While the youth was placed on probation she continued to be truant from school, runaway frequently, and was also charged and adjudicated with several counts of Domestic Violence against her mother. She lived in a very unstable home. Her father abused alcohol and crack cocaine and was very verbally and physically abusive towards the youth and her mother. As a result of this instability, the youth would resort to the living on the street, abusing drugs, and engaging in inappropriate relationships with older men.
She was expelled from several schools due to being physically aggressive towards peers and teachers. She became pregnant and gave birth to a son at only 15-years-old. She was very violent towards her mother and would frequently get into verbal and physical altercations that resulted in police intervention. The youth was diagnosed with Post-Partum Depression and Oppositional Defiant Disorder in June of 2006.
The young mother was referred to the L.I.F.E. program because she continued to be violent towards her mother and would frequently abandon her son. Her probation officer was requesting that the youth be removed from the home because her behavior appeared to be escalating. She was struggling with depression and agreed to participate in the program to improve her relationship with her mother and to be a better parent to her son.
After six months of weekly family therapy and intensive probation supervision the youth successfully completed the program. She struggled with her lack of coping skills, however was able to remain focused and engage in new ways of communicating with her mother. She has not received any new charges and did not runaway. She began testing negative for all illegal substances, participated in parenting classes and is passing her classes at school.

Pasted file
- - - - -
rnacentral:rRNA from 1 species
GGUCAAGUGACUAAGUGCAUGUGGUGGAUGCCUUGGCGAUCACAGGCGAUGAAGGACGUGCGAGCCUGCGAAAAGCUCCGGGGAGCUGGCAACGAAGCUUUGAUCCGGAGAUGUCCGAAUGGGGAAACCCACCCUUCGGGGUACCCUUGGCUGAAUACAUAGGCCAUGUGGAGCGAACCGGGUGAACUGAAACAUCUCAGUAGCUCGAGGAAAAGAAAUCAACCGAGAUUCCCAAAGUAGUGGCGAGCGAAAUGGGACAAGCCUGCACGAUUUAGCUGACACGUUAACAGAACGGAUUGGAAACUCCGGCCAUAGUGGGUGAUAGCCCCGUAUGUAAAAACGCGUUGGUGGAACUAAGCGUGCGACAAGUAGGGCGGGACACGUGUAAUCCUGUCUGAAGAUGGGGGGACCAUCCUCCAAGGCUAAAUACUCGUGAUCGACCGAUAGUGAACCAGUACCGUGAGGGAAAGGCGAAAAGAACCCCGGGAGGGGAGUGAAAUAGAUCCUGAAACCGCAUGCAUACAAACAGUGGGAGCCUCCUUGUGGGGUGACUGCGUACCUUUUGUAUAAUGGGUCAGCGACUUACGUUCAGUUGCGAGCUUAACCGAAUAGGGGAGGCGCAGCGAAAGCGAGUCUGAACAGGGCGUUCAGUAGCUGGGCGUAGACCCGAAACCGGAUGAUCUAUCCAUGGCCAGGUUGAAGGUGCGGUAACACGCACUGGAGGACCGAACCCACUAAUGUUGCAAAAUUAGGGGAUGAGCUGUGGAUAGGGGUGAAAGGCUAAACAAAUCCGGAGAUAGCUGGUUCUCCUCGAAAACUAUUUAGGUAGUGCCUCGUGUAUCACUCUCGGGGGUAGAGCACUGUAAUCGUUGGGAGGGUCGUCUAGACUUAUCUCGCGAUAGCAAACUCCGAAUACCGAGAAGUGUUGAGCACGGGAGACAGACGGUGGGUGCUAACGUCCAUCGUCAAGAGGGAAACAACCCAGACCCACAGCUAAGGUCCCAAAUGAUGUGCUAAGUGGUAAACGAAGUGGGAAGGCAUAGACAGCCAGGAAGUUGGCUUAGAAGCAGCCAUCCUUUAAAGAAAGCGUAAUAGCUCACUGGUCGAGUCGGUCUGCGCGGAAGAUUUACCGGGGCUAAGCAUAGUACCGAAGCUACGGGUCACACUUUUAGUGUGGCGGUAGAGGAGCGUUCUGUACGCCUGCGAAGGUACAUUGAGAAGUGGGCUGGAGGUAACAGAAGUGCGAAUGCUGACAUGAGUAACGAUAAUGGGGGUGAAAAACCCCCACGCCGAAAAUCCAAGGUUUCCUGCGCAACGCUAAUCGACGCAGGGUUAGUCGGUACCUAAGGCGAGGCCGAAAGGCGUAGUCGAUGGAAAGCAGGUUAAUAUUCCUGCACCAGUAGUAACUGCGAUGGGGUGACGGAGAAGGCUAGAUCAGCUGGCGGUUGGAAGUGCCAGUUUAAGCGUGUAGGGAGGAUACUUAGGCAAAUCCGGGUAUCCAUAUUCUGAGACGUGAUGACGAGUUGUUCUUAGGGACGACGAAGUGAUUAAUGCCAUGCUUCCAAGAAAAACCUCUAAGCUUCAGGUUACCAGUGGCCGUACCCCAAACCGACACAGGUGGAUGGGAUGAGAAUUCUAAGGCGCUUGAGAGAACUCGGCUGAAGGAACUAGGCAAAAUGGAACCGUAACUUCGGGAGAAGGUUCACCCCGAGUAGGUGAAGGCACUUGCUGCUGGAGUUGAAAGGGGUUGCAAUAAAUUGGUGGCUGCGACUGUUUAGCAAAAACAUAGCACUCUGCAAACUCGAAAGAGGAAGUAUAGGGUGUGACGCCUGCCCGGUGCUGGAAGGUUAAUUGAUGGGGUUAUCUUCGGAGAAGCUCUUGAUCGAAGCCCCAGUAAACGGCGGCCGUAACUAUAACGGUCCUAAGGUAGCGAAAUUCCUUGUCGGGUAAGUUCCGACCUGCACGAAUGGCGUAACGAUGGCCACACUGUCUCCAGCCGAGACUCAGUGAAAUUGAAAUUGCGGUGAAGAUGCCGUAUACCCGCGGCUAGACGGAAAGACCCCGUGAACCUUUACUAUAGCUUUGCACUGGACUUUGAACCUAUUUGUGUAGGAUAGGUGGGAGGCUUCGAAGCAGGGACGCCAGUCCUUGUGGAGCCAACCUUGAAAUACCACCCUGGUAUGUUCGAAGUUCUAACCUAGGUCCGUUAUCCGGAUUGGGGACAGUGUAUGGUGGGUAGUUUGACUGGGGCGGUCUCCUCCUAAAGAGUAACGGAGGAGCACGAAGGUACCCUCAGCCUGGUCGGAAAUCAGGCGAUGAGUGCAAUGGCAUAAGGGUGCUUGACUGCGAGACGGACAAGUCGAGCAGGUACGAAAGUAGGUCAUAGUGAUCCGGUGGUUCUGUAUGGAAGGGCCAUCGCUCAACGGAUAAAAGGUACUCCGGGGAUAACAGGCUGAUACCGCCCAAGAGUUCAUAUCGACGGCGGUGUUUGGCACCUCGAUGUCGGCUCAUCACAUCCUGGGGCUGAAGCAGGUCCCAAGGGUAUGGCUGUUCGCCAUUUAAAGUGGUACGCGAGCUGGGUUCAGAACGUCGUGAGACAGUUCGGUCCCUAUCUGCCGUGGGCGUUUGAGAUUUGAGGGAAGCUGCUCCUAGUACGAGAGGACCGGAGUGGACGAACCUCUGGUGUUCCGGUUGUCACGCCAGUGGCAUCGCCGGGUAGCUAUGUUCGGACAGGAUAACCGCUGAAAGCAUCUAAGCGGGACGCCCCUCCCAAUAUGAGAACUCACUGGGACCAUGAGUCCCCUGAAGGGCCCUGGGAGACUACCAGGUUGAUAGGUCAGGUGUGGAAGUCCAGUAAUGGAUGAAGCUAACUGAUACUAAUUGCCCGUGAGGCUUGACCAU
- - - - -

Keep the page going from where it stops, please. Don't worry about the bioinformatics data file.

Anxiety and Panic
I have had panic and anxiety for over 10 years. I have listed 10 things that helped me and might help you also. I used exercise along with eating right. I learned to look at anxiety in a different way. After doing these things along with getting tools from my case manager at South Community, I was able to reduce my meds by 90%.Yes, I still have anxiety but I have learned to live with it. I used my Higher Power also to get me through tough times.
- Remember, you are learning that you can function with discomfort
- Comfort is a desire, not a need.
- Try to function with the fear; accept it. Don’t fight it.
- Remember that although your feelings and symptoms are frightening, they are neither dangerous nor harmful.